Month in Focus - September 2008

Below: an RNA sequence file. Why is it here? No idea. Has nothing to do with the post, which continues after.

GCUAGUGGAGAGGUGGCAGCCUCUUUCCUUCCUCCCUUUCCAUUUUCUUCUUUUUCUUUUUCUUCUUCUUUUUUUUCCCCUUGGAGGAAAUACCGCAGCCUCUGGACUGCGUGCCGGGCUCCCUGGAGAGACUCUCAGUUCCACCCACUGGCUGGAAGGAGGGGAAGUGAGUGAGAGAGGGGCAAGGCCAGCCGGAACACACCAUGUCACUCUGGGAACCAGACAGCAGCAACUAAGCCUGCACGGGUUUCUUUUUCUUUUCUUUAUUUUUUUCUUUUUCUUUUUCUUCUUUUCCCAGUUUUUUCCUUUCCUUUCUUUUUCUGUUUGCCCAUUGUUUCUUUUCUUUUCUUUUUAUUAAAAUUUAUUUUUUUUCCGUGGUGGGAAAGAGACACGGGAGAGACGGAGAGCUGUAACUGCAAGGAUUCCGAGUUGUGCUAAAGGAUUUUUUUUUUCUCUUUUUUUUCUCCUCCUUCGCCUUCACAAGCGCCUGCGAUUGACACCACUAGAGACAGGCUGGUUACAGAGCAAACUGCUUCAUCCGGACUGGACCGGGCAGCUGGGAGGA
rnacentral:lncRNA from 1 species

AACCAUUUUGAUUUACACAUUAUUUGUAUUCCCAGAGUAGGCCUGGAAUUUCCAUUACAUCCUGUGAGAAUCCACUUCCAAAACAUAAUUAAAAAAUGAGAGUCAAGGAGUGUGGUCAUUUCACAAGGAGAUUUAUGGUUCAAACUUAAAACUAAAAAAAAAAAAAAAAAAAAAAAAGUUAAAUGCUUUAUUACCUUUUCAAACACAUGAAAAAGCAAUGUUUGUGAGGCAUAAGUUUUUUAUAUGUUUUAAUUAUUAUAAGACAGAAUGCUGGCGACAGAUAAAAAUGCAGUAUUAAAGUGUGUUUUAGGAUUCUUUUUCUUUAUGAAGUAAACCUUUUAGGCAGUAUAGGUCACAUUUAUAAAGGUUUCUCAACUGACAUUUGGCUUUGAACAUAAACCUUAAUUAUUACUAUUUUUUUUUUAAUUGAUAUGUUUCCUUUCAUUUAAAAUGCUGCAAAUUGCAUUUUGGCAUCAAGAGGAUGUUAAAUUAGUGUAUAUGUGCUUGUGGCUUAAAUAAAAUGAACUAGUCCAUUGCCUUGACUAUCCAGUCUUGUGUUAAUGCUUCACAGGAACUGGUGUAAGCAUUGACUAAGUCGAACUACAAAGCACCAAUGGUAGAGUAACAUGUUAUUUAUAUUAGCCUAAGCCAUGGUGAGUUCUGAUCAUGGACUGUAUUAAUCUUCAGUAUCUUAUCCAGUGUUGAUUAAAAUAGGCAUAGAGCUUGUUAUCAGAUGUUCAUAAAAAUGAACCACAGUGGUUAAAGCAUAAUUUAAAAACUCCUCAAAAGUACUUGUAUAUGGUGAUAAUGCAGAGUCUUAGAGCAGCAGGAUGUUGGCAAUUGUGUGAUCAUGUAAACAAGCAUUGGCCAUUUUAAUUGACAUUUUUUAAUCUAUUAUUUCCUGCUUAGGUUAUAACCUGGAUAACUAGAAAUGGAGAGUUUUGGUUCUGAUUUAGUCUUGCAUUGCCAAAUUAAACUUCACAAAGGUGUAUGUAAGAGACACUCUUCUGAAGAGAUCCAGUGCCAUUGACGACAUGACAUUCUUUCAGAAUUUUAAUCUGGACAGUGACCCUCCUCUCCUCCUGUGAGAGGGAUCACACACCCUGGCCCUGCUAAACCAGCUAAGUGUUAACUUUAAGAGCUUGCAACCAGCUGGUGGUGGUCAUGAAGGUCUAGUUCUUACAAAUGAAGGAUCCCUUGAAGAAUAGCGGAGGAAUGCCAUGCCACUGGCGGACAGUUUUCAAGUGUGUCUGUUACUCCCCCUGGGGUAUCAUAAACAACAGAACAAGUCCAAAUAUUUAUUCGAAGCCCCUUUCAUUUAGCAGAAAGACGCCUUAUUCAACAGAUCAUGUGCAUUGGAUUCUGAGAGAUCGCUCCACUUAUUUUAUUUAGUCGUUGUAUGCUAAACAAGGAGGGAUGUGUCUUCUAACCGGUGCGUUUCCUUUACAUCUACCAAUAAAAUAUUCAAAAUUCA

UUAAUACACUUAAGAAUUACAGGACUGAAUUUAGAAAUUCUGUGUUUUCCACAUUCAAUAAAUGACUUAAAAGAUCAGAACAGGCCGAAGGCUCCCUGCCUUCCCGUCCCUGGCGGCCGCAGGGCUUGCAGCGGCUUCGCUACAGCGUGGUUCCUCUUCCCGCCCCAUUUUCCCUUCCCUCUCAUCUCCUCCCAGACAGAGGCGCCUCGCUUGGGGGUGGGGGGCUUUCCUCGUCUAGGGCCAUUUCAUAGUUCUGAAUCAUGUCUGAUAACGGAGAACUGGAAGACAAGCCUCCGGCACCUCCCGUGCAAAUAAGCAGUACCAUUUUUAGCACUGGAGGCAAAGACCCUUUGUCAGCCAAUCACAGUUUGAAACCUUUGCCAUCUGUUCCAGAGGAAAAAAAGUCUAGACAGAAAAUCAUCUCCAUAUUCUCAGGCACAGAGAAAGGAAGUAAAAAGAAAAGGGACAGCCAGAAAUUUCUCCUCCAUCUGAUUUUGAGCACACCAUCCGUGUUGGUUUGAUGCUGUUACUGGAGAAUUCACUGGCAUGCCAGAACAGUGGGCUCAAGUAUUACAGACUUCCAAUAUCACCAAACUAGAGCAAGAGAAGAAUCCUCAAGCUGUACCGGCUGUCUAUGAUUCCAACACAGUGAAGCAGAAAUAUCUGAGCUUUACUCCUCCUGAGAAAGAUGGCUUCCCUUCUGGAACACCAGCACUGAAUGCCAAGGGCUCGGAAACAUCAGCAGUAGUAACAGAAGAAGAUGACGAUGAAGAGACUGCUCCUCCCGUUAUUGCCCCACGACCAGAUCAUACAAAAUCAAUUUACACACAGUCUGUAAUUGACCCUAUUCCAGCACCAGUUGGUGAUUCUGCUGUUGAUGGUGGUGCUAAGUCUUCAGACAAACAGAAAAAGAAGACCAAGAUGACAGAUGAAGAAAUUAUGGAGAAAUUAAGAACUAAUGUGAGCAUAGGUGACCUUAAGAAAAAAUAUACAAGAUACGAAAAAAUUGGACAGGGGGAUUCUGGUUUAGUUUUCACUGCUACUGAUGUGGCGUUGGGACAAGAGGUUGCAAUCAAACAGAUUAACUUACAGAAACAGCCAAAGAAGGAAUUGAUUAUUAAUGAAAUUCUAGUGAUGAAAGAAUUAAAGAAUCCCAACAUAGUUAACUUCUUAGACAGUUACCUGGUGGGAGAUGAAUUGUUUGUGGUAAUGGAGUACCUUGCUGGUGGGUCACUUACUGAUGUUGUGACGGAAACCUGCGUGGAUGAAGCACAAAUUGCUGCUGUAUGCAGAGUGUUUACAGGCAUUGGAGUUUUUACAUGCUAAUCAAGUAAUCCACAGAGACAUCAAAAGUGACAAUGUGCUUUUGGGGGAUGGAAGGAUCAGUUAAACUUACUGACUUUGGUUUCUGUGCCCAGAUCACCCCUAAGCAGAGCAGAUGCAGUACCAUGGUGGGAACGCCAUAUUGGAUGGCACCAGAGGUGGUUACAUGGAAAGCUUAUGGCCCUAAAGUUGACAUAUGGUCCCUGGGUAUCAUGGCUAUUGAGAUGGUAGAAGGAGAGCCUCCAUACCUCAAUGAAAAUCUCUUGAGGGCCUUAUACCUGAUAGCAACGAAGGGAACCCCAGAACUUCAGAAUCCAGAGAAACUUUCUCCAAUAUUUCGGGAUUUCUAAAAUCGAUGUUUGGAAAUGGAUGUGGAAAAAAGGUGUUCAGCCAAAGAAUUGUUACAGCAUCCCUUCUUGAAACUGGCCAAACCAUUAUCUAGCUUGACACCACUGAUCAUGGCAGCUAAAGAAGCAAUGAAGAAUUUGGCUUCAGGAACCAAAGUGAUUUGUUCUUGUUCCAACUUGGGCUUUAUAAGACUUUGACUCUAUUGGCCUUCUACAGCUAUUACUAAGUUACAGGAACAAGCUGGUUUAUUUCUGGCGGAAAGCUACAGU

DRC: Tension mounts again in North Kivu The peace process faces serious threats in North Kivu. Despite the signing of the January 2008 Goma agreement between the government and several rebel groups, frequent fighting has continued in the eastern region of the Democratic Republic of Congo. In late August, tension mounted further and heavy weapons fighting broke out between General Nkunda's rebels and the regular army. No official statement has been issued, but the situation is causing increasing concern, particularly for the displaced populations. Coralie Lechelle, DRC program manager: "The front continues to move north, so all the displaced populations with whom we were working over the last months -- estimated at 250,000 people in camps in this very small area of North Kivu - they're evacuating further north. So we set up an additional team to assist the displaced populations that are constantly moving and for whom we are still lacking detailed information. We wanted to see where they would gather and try to provide them the minimal level of aid that they urgently need." Most of the team at the Rutshuru hospital, where Médecins Sans Frontières has been working for three years, had to evacuate - only a doctor, nurse and field coordinator remain. Coralie Lechelle, DRC program manager: "We chose to evacuate part of the team and maintain just a minimal presence so that we could still treat the wounded -- who remain a priority - along with medical and surgical emergencies. The field coordinator stayed, too, to keep us informed on what is happening in the area." MSF mourns the loss of Dr. Samuel Bamoueni, who died in an airplane accident in the Democratic Republic of Congo. Originally from Congo Brazzaville, he was working as a surgeon for MSF in North Kivu. He was among 17 people on board a humanitarian flight that crashed outside Bukavu. GAZA: Health Held Hostage to Politics Health care workers in the Gaza Strip have been on strike since August 30. The Palestinian health workers union called for action in protest at Hamas' firing of 46 medical workers affiliated with Fatah. Annette Heinzelmann, Gaza Program Manager: "Today, there are two governments in charge of the Gaza Strip. On one side, there's the government based in Ramallah and then there's the Hamas government in Gaza, and so the health system in the Gaza Strip is governed by these two. This makes the situation very, very difficult for the health care workers, who are caught between two very different sets of instructions." Although a minimum of service has been maintained, the strike has received wide support. Absenteeism among medical staff ranges between 50 and 80%, severely restricting access to care for the more than 1.5 million residents who are already deeply affected by the Israeli-Palestinian conflict. Annette Heinzelmann, Gaza Program Manager "We noted a sharp rise in consultations, particularly in our pediatrics project in the north of the Gaza Strip, so we expanded the program, adding staff to be able to treat patients, to treat children according to their needs." Specialized surgery has been suspended throughout the Gaza Strip and external referrals are very limited. Médecins Sans Frontières continues to provide mental health and post-operative care and treats many wounded, for the most part victims of the intensified inter-Palestinian clashes. ETHIOPIA: Lack of food draws crowds This is the Oromiya region, in southern Ethiopia. Dr. Roberta Petrucci is making her morning rounds in the Kuyera emergency nutritional center. Rahima is 7 months old and is suffering from pneumonia and acute malnutrition. Other children like her - malnourished, with medical complications - have also been hospitalized. Interview with Dr. Roberta Petrucci (in English): "They are prone to infections because they are very weak. Their immune system is not working like the ones of the others children. So they cannot react like everybody else to the infections. They cannot produce enough antibodies so they cannot fight the infection themselves and they need extra support, extra medical support." Malnourished children, even those suffering with moderate acute malnutrition like Rahima, need nutritional and medical care. Until mid-July, MSF teams faced a massive influx of severe cases. More than 23,000 patients have already been admitted to the approximately 50 nutitional centers opened in response to the emergency. Over the last few weeks, the teams have also been able to treat the many children with moderate malnutrition. In some areas, they represent a third of the children under five. In addition to free medical care, people need assistance in terms of food. Hiam El Zein, field coordinator: "We provide a monthly ration of 25 kilos of Famix and 5 liters of oil; Naturally you're going to get large crowds like this because the people here in this region need food. And now that they know we're treating cases of moderate malnutrition, everyone is rushing here to get their share." These families, who are already very poor, have been without food for many months. They have got into debt to feed themselves and some have even sold their livestock. The next harvest, expected between late September and November depending on the area, should finally provide relief. GEORGIA: Assisting the displaced persons This young woman's daughter suffers from a neurological illness. Originally from the Gori region, they had to flee their home as Russian troops advanced into Georgian territory. Several days earlier, on the night of August 7, the Georgian army launched an attack in southern Ossetia, driving people from their homes. Amidst the panic, this mother did not have time to gather her daughter's medications. Like her, more than 200 families are living in this abandoned building, a former Tbilisi military hospital. Most of the displaced persons in the Georgian capital have gathered in public buildings -- schools, child care centers or, here, in this geophysics research institute. Several days after fighting broke out, Médecins Sans Frontières' medical teams began their medical consultations. Most of the patients are women, children and elderly people. Dr Nana Chiochvili: "When we analyzed the data, we could see that the most common complaints were anxiety, weakness, sleep problems and high blood pressure, plus we've had cases of decompensated diabetes, due to interruption of treatment. It's the same thing for young children. They're having sleep problems - they are young, but they are very anxious. They've been exposed to bombings, explosions and fear." Although the situation has eased since the August 12 ceasefire, MSF continues to provide medical assistance to the displaced persons who are still in Tbilisi. So far, the team has provided 900 consultations and distributed nearly 800 hygiene kits, which include soap, detergent and buckets. In Gori, the authorities have set up a camp offering tents as accommodation for the displaced persons who have returned. MSF is supporting the town's medical centre by providing consultations, and three mobile teams visit the various sites set up for the displaced, primarily in child care centers, and the surrounding villages.